In contrast, many have shown that digital humanities is a field in which a critical awareness of how digital information technologies influence perspectives in and on research in the humanities is essential to rigorous DH scholarship. DH scholarship typically makes visible how codes and platforms (Chun 2013; Manovich 2013), media archaeology (Kirschenbaum 2007; Parikka 2012), digital scholarly communications (Fitzpatrick 2007), publishing (McPherson 2014), gaming (Flanagan 2009; Jagoda 2013), geospatial analysis (Elliott & Gillies 2009), interactive, multimedia design (Balsamo 2011), and machine learning (Heuser and Le-Khac 2012; Piper 2017), statistical analysis (Burrows 2004; Ramsay 2011), and visualization (Drucker 2011; D’Ignazio and Klein 2016) influence scholarship in the humanities. It is quite true that the scholars Antonijević interviewed and observed use digital tools, but it is not accurate or productive to say that the broad swath of participants in her study accurately portrays the “digital humanists” that the title Amongst Digital Humanists promises to better understand.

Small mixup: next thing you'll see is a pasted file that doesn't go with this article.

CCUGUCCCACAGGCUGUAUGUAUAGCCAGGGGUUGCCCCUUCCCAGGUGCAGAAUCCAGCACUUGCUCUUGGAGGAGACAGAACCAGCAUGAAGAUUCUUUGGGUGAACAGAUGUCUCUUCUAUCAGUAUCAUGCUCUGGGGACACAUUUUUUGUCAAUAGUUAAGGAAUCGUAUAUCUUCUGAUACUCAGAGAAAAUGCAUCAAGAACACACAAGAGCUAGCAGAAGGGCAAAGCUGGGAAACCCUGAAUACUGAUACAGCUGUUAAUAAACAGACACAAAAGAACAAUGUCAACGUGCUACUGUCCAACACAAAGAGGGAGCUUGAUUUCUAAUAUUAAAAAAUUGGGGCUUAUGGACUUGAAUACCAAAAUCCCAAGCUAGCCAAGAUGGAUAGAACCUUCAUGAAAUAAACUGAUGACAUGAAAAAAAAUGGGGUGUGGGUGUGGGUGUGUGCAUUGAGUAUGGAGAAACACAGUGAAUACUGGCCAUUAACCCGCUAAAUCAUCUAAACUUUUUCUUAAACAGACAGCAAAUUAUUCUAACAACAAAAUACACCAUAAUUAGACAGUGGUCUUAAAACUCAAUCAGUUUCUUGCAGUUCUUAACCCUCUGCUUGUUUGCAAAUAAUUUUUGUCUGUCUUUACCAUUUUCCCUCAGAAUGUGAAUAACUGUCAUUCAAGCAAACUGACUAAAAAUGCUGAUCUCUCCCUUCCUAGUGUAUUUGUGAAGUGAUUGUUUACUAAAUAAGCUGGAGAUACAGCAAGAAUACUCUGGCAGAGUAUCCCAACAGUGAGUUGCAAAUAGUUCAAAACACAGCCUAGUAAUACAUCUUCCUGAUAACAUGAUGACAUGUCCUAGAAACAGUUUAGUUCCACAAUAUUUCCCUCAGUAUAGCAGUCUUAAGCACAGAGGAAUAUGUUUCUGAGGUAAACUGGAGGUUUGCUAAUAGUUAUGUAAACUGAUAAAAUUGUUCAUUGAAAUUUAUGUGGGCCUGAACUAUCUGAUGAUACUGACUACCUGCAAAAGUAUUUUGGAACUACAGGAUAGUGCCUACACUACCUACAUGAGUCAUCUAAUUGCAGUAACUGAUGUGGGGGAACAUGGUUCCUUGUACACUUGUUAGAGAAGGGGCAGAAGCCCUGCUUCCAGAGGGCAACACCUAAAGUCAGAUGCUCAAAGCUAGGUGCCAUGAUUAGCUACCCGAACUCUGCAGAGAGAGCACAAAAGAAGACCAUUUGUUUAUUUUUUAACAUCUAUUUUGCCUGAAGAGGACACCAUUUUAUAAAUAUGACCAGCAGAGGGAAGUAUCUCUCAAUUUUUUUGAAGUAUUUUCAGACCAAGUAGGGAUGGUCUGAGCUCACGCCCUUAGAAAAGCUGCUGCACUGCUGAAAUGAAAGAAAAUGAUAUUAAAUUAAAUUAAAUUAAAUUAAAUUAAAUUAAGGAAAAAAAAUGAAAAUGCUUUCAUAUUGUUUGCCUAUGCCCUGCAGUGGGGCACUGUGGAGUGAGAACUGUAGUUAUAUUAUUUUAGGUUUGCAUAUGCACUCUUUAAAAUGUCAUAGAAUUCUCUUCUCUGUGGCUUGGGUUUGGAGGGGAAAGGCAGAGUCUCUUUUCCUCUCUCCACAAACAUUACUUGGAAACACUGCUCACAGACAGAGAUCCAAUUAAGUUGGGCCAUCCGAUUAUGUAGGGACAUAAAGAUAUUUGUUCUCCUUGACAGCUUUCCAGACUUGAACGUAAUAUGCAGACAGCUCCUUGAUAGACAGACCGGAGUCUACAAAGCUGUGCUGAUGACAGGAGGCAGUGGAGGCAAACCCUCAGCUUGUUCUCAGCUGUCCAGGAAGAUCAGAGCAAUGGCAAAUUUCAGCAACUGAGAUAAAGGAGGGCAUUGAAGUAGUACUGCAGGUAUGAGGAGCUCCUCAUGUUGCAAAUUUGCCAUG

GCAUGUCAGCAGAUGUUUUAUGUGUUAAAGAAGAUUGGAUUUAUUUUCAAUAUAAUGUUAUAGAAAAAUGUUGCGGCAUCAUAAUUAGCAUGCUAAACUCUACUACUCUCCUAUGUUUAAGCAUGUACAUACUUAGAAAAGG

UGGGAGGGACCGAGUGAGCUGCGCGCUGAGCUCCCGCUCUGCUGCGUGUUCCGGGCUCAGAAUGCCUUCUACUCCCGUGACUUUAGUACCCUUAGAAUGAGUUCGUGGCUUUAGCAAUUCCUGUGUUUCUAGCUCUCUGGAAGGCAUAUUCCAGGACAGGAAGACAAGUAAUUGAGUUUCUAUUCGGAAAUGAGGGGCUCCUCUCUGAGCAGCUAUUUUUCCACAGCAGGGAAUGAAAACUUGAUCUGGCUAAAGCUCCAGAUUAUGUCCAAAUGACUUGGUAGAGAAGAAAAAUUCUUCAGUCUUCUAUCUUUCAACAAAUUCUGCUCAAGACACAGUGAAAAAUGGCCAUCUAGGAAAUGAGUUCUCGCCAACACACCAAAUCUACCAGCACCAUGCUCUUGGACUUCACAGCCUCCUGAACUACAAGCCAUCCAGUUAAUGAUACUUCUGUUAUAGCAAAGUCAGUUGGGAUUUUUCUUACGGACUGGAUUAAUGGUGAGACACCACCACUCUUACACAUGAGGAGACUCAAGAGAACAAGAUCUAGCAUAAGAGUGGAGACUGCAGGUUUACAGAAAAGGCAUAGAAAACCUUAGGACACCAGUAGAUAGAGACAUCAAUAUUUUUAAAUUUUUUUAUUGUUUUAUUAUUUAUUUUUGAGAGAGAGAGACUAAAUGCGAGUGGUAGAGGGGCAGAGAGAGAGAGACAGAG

To be fair, Amongst Digital Humanists demonstrates well that research practices employing digital technologies in the humanities can be particularly difficult to study with ethnographic methods. Scholarly practices in the humanities can often occur privately, independently, idiosyncratically, and outside of the more public and regimented lab spaces that are traditionally studied in Science and Technology Studies (STS) (see, for example, Knorr-Cetina and Mulkay 1983; Knorr-Cetina 1999; Latour 1988; Latour and Woolgar 1986). In particular, Antonijević, Beaulieu (2004; 2010), and Borgman (2009) mention the difficulty of “rendering ‘public’ philosophical, historical, or literary knowledge” (Beaulieu 2004, 456) that is produced through research practices in the humanities. Doing social science studies—like doing DH—requires an epistemological framework and a community of practice and the kinds of ethnographic methods that Antonijević employs in her study are part of a century-old tradition that is changing and becoming increasingly more difficult as the methods of work that ethnographers study changes in the digital age (Forsythe 1999). Scholars in STS have shown that digital technologies can make certain kinds of work and infrastructures unobservable even when (as in Star 1999) there are well-meaning subjects who seek to describe their work for the ethnographer. Yet, given these difficulties, it is the study’s narrowness (in terms of projects) and breadth (in terms of defining DH) that ultimately weakens the foundation of her concluding arguments about DH.